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However, despite the fact that the case was dropped, she had to be flown out of the prison to an unknown location to ensure her safety and has been in hiding since.
Mr. Chaudhry, Rimsha's lawyer, confirmed that the girl and her family are still under protective custody and it is unlikely that they will return home because of the threats to her life.
Analysts believe this is because radicalization in Pakistani society is quickly multiplying and has resulted in the current wave of militancy. That many groups in Pakistan are armed also poses a serious threat.
“The fact that she is still hiding points to a bigger problem in the society. A few years ago, when it became clear that two brothers accused of blasphemy were going to be acquitted in Faisalabad, they were shot dead outside the premises of the court,” says Marvi Sirmed, a minority rights activist. Ms. Sirmed was herself recently attacked by unknown gunmen in Islamabad, owing to her vocal views about human rights issues in Pakistan.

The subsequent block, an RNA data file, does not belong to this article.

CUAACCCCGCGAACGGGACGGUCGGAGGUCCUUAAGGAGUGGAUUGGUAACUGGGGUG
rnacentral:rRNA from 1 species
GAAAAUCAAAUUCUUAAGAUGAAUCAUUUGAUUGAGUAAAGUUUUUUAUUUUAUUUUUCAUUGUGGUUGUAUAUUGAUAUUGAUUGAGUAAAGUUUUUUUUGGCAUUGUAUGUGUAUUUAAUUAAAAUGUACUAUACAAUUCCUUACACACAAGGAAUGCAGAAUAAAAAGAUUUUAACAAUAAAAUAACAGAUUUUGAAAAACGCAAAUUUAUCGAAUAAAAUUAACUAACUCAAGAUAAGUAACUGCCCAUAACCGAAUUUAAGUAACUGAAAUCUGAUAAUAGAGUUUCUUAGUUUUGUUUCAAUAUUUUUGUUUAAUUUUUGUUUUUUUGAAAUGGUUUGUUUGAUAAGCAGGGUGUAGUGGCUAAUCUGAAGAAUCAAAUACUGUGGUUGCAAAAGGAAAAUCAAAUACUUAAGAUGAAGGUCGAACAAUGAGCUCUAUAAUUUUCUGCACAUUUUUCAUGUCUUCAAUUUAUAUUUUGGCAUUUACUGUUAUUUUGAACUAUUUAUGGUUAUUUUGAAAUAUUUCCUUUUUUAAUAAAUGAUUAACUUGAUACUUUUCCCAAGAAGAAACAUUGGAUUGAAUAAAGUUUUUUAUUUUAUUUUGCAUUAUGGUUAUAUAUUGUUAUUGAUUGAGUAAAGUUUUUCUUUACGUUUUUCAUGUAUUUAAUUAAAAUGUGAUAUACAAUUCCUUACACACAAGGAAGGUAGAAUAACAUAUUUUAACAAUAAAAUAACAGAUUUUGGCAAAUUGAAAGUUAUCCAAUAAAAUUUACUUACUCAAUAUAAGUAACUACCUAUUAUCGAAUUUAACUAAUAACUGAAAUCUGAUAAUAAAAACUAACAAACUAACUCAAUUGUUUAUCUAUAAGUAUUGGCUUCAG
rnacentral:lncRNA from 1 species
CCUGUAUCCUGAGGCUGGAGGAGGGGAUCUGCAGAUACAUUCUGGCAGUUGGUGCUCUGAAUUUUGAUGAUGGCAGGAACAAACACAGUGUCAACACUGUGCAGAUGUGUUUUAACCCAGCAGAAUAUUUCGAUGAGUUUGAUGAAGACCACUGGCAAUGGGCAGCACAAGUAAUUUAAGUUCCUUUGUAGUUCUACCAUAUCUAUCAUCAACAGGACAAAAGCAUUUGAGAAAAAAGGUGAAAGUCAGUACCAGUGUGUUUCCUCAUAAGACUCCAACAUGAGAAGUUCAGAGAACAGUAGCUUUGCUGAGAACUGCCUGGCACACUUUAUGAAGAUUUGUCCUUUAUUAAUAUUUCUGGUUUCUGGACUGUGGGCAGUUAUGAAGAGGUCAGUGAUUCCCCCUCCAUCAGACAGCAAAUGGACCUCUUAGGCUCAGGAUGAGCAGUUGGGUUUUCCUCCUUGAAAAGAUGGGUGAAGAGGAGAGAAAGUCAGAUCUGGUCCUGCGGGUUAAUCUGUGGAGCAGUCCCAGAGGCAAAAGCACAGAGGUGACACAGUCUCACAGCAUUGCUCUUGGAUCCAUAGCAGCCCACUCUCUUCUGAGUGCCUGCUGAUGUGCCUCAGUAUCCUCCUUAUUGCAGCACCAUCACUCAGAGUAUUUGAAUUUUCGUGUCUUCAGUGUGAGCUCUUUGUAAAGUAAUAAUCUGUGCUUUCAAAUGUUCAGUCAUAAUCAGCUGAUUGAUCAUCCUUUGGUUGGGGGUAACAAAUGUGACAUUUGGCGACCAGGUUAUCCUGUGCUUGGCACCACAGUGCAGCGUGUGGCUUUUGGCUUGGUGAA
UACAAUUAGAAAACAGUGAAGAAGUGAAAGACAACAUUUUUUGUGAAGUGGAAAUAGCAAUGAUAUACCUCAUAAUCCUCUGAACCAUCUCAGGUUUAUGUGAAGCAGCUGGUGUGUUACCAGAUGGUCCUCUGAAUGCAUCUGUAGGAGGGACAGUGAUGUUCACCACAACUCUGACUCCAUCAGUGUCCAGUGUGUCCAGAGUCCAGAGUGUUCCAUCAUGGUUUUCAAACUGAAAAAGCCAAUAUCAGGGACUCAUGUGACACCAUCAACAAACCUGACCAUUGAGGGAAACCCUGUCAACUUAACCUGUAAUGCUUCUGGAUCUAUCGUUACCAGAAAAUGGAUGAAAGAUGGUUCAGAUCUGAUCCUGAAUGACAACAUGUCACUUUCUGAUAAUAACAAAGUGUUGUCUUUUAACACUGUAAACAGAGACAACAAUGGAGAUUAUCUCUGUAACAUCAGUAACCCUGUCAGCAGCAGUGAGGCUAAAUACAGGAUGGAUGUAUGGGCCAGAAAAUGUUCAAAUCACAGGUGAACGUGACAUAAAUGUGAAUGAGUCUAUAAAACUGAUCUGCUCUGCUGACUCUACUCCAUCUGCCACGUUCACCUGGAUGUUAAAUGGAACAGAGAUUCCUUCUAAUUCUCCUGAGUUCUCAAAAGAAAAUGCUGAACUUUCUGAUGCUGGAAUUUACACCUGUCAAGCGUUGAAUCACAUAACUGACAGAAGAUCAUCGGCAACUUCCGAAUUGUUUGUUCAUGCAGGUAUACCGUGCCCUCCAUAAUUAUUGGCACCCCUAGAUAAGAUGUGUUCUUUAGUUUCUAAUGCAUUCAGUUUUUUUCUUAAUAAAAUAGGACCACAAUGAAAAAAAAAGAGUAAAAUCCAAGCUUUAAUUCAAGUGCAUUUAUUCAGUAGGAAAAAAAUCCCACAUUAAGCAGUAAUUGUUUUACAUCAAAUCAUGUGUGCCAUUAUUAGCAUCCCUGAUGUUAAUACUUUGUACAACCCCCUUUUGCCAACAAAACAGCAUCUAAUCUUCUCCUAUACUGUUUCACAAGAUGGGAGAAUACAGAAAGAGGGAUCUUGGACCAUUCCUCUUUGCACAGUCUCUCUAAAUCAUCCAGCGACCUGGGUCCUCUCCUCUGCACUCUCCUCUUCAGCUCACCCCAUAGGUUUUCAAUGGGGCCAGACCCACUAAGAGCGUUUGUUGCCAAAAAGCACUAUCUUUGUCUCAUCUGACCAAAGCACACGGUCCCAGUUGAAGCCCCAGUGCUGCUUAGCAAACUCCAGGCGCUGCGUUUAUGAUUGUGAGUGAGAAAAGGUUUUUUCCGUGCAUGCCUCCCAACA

Sirmed says that the state has failed to protect its citizens in these cases. The root of the problem, she says, is extremism in Pakistan. “Christians are not the only one facing the wrath of blasphemy laws. In fact, the majority of the cases are against Muslims,” she points out. According to an independent study, 51 percent of Pakistanis charged with blasphemy are Muslim, while a human rights report found almost 58 percent of those accused were Muslim women.
“Instead of just changing laws, the state needs to introduce counter-radicalization strategies to tackle this rising extremism. And I don’t see the government taking such steps, which is alarming,” she says.